Chile’s National Innovation Council for Development (CNID) is an autonomous organ that supports and provides advice to the Presidency of Chile on science, technology and innovation (STI) throughout the generation of the national innovation strategy for development.
This project presents an analysis of the changes in the framings and guidelines in the four national innovation strategies. We use as a comparison model the three frames for innovation policy: R&D, systems of innovation and transformative change (Schot & Steinmueller, 2018).
The first national innovation strategy´s main objective was the improvement of Chile´s competitiveness and economic growth. The policy actions were supported on the theory of resolving different market failures. The innovation process was understood as a complex and systemic phenomenon and the innovation system is described as “consisting of a network of different actors and their interactions that are directly or indirectly related to the introduction or diffusion of new products or processes in the economy”. There is a prioritization of resources on STI for enhancing competitiveness of 8 national industries and the conformation of industrial clusters (CNIC, 2007).
The second national innovation strategy maintained the same general guidelines. In this period the promotion of other types of innovation, such as management, commercialization or design innovation appears. There is a strong effort on the connection between the university sector and companies, making an especial emphasis on University´s third mission. Technology transfer, entrepreneurship and global connections acquire great relevance (CNIC, 2010).
These two strategies are in some ways consistent with the first two frames described by Schot and Steinmueller. They present some characteristics of the first frame (innovation for growth) such as, target on science-based industry and sustained improvement in factor productivity; and of the second frame (national systems of innovation) such as, awareness on the importance of interactions between actors and global connections.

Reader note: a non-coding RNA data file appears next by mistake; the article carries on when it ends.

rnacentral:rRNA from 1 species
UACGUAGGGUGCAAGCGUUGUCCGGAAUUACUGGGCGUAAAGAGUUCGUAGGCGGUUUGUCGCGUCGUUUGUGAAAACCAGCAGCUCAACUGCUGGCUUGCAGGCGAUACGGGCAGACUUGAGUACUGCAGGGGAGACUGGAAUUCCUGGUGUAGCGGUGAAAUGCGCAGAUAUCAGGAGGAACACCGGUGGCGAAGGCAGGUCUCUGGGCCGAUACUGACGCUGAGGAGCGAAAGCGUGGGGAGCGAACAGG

The third innovation strategy presents a radical change; it does not deliver a specific plan. It claims that in an era of rapid change and growing uncertainty, planning ahead might be a mistake, since the future cannot be predicted. Its main proposal is building capabilities for anticipating possible future trajectories by analysing current and future trends, locally and globally, in the social, environmental and scientific and technological dimensions, in order to be prepared for challenges and opportunities ahead. The concept “innovation ecosystems” begin to emerge in order to reflect its dynamisms and complexity (CNIC, 2013).
The fourth and last national innovation strategy´s main objective is achieving sustainable development. This aspiration required bigger transformations that needed connections between policies, public-private partnerships and the pursuit of common goals. There is also a particular focus on building capacities for complex challenges we face today as a country, as a region and as a planet (namely, resilience to natural disasters and sustainable water management) (CNID, 2017).
These two last strategies have some elements from the transformative innovation approach, such as: the vision that STI can contribute to challenges for sustainable development, the recognition that market failures are insufficient and that certain directionality is needed and the acknowledgment that continuous experimentation is important.
Emerging themes of the transformative innovation global research agenda related to the project
This project seeks to present an analysis of the evolution of innovation frames in Chile which are related to the national innovation strategy delivered by the National Innovation Council for Development. This council is an actor that has influenced the changes in the innovation guidelines of the country and has a great potential in the promotion of transformative change. This is related to the topic: “The role of specific actors in transformative change: Governments, businesses, scholars, civil society organisations”.